How a foreigner learnt about Argentina’s history
Education is what survives when what has been learnt has been forgotten.
I first arrived in Argentina last year, a few days before the last Día de la Memoria por la verdad y la Justicia (Day of memory for truth and justice), celebrated annually on 24th March. During my time in Buenos Aires, I saw a lot of protests, however, this one stood out. Not only was it the biggest I saw, but it also wasn’t demanding any change in particular, but simply commemorating the memories of the 30,000 people that disappeared under the military dictatorship. Embarrassingly, before arriving in Argentina I knew very little about this difficult period of history. During the last year I have learnt a lot.
Before arriving in Argentina, I knew that there had been a dictatorship at some point in its recent history. However, unlike with Spain’s Franco, I didn’t know the name of the dictator, for how long he was in power, or how the country was run during this period.
Similarly, I have known of some type of ‘memory days’ in other places. In the UK and other Commonwealth countries, the 11th November is called ‘Remembrance Day’ or, colloquially, ‘Poppy Day’ and has been observed every year since the end of the First World War. It commemorates soldiers who died during this war, many of whom died in the poppy fields in northern France and Belgium. People buy and wear plastic poppies, and the proceeds go to war veterans and their families.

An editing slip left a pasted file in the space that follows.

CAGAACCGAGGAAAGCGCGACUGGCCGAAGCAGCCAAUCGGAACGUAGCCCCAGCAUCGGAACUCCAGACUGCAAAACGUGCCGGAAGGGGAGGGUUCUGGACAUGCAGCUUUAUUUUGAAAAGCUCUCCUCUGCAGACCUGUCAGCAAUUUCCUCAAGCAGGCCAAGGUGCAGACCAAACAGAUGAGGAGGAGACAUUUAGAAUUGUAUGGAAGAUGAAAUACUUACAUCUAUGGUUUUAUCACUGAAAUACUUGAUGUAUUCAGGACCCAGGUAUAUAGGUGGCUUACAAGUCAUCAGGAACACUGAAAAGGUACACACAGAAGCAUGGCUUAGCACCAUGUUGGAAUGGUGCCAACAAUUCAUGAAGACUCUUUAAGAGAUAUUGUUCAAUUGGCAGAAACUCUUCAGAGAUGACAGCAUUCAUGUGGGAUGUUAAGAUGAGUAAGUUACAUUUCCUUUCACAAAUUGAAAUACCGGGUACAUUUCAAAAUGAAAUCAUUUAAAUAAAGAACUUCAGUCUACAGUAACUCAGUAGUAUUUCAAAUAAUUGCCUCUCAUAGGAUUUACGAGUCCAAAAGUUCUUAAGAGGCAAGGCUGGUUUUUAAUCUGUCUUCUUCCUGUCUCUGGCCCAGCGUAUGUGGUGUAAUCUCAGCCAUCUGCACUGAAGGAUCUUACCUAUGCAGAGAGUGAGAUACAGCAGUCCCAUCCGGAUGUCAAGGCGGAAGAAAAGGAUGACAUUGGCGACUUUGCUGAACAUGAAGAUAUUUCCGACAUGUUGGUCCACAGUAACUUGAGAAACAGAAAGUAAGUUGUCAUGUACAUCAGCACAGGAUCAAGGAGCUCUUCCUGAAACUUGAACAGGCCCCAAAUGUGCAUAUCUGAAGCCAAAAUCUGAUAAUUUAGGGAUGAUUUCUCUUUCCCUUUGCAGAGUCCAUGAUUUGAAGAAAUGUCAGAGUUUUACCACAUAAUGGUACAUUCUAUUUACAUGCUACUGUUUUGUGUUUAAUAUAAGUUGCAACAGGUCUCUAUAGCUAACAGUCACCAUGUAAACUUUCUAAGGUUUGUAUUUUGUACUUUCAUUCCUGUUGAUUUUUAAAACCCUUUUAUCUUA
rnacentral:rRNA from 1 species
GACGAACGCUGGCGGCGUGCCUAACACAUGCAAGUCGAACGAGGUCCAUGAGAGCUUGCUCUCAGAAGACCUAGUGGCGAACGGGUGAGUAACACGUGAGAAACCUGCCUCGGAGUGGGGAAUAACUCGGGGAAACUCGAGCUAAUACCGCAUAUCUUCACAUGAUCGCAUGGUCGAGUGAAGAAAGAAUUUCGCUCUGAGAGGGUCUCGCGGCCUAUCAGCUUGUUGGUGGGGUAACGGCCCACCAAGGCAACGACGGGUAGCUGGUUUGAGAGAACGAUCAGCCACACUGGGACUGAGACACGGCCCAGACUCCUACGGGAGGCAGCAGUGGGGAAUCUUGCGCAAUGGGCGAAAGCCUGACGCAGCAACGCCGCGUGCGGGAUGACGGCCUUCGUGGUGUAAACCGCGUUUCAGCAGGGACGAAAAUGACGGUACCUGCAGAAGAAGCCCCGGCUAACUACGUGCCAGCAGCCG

I’ve also been aware of similar memorial days in the USA; Memorial Day, in Australia; ANZAK Day; in France, Le Jour de Souvenir and Holocaust Memorial Day worldwide.
However, in my opinion, Argentina’s memorial day is very different. In all of the countries that I had known to observe a holiday like this, the people who were to be remembered had died fighting a foreign enemy, or had been victims of a foreign invasion. In Argentina, the dead and missing were victims of their own government. I don’t know of any other country with a public holiday that commemorates victims of their own government.
Going to the demonstration on the 24th March opened my eyes. It was incredible to be surrounded by people who had lost a family member or friend during the military dictatorship’s 7 years in power. A good friend I have made since being in Argentina has told me of how she was born in prison, as her mother was a political prisoner, and her father disappeared.
I am not sure if part of the commemoration is still to bring any of the perpetrators to justice, but, I am sure that a large part of the commemoration is to not allow these events to be forgotten, and to make sure that they never happen again.
I believe that a well-constructed education system can help to prevent atrocities like what happened in Argentina during the military dictatorship. Of course, by studying history children can learn how to avoid the mistakes made by their predecessors, however, there is a more human approach. Truly great teachers will help children develop into well-rounded human beings who view each other equally and have respect for themselves and for others.
Despite dictatorship being only 35 years ago, I can already see that Argentina has developed greatly. There are still a lot of problems to make better, but life today in Argentina doesn’t seem so different to in other countries that have had democracy ongoing for hundreds of years; and that is something to be happy about.
In Argentina as in the rest of the world, education is the key to improvement. Do you agree?